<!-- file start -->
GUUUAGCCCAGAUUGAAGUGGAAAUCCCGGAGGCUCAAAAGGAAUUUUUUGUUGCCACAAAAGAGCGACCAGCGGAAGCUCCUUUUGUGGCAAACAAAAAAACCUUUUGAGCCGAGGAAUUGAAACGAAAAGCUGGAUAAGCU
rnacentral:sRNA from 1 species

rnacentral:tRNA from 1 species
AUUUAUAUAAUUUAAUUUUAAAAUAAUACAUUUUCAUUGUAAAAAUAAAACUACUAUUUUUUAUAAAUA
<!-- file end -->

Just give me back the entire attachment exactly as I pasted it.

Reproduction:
GUUUAGCCCAGAUUGAAGUGGAAAUCCCGGAGGCUCAAAAGGAAUUUUUUGUUGCCACAAAAGAGCGACCAGCGGAAGCUCCUUUUGUGGCAAACAAAAAAACCUUUUGAGCCGAGGAAUUGAAACGAAAAGCUGGAUAAGCU
rnacentral:sRNA from 1 species

rnacentral:tRNA from 1 species
AUUUAUAUAAUUUAAUUUUAAAAUAAUACAUUUUCAUUGUAAAAAUAAAACUACUAUUUUUUAUAAAUA